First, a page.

For a small honors seminar this semester, I decided to hold the final exam as a discussion over food at Casa Hayes-Boh. I decided to make champandongo the main course, as I have been thinking about this mole-based (MOH-lay) dish ever since we had it here with a group of Pam's students here three years ago.
In that case, Pam had made the food of Coma Agua Para Chocolate a major theme of her Spanish course, and had secured an undergraduate research grant to facilitate having the class make most of the dishes from Laura Esquivel's book (see my posts on its revolutionary context and on Latin American films).
We have cooked several of the dishes from Esquivel's work before -- most notably chicken based on her quail-and-rose-petal recipe, but Pam's class project was far more ambitious, especially since it involved students, many of whom had little if any cooking experience. Working in pairs, students created both a fabulous meal and a permanent record of their culinary efforts. Each post on the CAPCR blog explains how a dish was prepared and how it is connected to the story. All of the dishes were shared at our house during this 8:00 a.m. class. Most were then served again -- either remade or thawed from leftovers -- at an undergraduate research colloquium open to the entire campus.
I must admit that I know the movie far better than the book, and so was unaware of champandongo prior to this adventure with the students. I have been a huge fan of mole -- a complex chocolate-chile sauce usually associated with poultry -- since Pam and I spent the summer of 1989 in Puebla, Mexico. The sauce is properly known as mole poblano, meaning "sauce of Puebla" and represents one of the several ways cacao was used for centuries before people thought of it as a candy. Its use in this lasagna-style dish was simply amazing, and it is hard to believe I have not yet attempted it myself.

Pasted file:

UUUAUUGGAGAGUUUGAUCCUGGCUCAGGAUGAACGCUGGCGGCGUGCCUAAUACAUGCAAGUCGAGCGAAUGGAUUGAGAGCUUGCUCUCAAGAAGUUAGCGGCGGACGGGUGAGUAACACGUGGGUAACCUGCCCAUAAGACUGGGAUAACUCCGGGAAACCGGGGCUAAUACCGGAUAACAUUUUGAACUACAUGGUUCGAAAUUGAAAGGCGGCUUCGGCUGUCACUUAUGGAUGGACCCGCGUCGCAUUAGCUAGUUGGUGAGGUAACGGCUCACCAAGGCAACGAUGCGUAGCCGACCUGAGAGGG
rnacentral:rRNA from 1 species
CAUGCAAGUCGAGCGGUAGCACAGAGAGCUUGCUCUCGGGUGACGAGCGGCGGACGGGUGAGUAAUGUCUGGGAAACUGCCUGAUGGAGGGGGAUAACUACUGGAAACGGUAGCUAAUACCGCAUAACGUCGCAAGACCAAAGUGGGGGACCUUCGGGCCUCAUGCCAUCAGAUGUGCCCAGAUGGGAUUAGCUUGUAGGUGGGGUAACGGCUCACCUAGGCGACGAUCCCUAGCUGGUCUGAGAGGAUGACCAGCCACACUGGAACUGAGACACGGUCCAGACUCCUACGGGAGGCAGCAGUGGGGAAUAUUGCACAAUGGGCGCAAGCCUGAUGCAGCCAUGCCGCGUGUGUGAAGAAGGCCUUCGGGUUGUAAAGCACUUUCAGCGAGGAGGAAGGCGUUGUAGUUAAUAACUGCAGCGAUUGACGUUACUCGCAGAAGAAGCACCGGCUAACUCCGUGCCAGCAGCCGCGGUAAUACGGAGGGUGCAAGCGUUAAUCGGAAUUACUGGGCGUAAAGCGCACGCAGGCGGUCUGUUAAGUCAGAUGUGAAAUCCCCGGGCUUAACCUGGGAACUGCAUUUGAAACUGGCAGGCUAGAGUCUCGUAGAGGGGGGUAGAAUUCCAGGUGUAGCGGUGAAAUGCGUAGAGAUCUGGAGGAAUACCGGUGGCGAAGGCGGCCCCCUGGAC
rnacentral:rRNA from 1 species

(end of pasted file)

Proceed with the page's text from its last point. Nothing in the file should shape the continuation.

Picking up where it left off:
In planning my own version, I of course began with the description by Sullivan and Laura. (Incidentally, Sullivan is the only student in this class who I knew previously, both as a student and a long-time family friend.) As complex as the dish was, however, I knew that authentic mole is much more complicated: Campbell's soup, for instance, was rarely available to the ancient Aztecs. I turned to the Hispanic Kitchen blog for more authentic versions, and quickly found an impressive recipe for chicken mole.